Keith:  The depiction of London, the story of the council estate and living in the City; not as romantic as my original thoughts but this captures the spirit of London and what you find when you get here.

Enda: When I first started dating my Londoner and visiting London, this got some additional resonance. I tend to forget that even though neither Neil nor Chris are Londoners, Pet Shop Boys are a very London act.

The Sodom and Gomorrah Show

Keith: Another great story of the nation and the obsession with celebs and television – It SHOULD have been a single but Parlophone were too scared to release it – it would have done better than I’m With Stupid I am sure.  The fairground freaks me out and I love the line in the background at the end: “Sun Sex Sin Death and Destruction”.

Enda: A great lost single for sure. They do this quite often lately – Did you see me coming rather than Pandemonium?


Keith:  Ha ha ha!  Chaos!  Noise!  Abandon!  A great short piece which captured the spirit of Closer to Heaven (the play) in 2:48 – could have had so many remixes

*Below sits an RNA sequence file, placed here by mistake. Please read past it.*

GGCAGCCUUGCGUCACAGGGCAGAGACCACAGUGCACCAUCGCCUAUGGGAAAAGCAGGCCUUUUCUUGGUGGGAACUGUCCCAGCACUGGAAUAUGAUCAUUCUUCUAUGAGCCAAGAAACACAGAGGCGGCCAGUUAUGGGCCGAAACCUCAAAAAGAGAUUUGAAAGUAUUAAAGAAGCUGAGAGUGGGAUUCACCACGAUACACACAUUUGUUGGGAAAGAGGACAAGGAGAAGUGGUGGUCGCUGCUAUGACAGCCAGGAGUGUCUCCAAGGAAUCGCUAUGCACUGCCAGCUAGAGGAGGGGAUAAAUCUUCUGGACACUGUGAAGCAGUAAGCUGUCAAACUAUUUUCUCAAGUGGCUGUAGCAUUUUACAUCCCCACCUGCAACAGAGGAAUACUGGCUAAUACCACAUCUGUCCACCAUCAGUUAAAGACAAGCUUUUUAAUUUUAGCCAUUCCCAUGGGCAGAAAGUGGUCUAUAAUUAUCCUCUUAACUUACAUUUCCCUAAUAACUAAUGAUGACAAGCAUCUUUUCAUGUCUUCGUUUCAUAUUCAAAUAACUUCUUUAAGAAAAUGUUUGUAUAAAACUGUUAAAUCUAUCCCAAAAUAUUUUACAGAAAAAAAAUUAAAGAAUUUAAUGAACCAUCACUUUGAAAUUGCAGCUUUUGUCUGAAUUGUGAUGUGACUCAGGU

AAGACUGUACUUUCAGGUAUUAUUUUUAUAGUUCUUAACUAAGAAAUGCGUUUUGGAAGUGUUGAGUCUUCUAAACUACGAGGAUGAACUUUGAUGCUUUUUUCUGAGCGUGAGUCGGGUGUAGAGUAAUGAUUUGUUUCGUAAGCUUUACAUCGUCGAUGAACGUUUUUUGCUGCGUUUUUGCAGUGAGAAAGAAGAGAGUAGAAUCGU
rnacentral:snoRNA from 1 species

Enda: Next!


Keith:  PSB like to write about celebs and new money and this was the precursor to tracks like Sodom, Flamboyant etc but this is the best.

Enda: I loved this when I discovered it on Alternative, but the musical killed it for me. I’m not one for musicals and Closer To Heaven just didn’t work for me at all. It also shows their kinda bitchy streak (How can you expect to be taken seriously, Yesterday when I was mad etc) which I think is a waste of their talent.


Keith:  Long and full of nonsense lyrics yet as ever Neil and Chris make it work – I love it.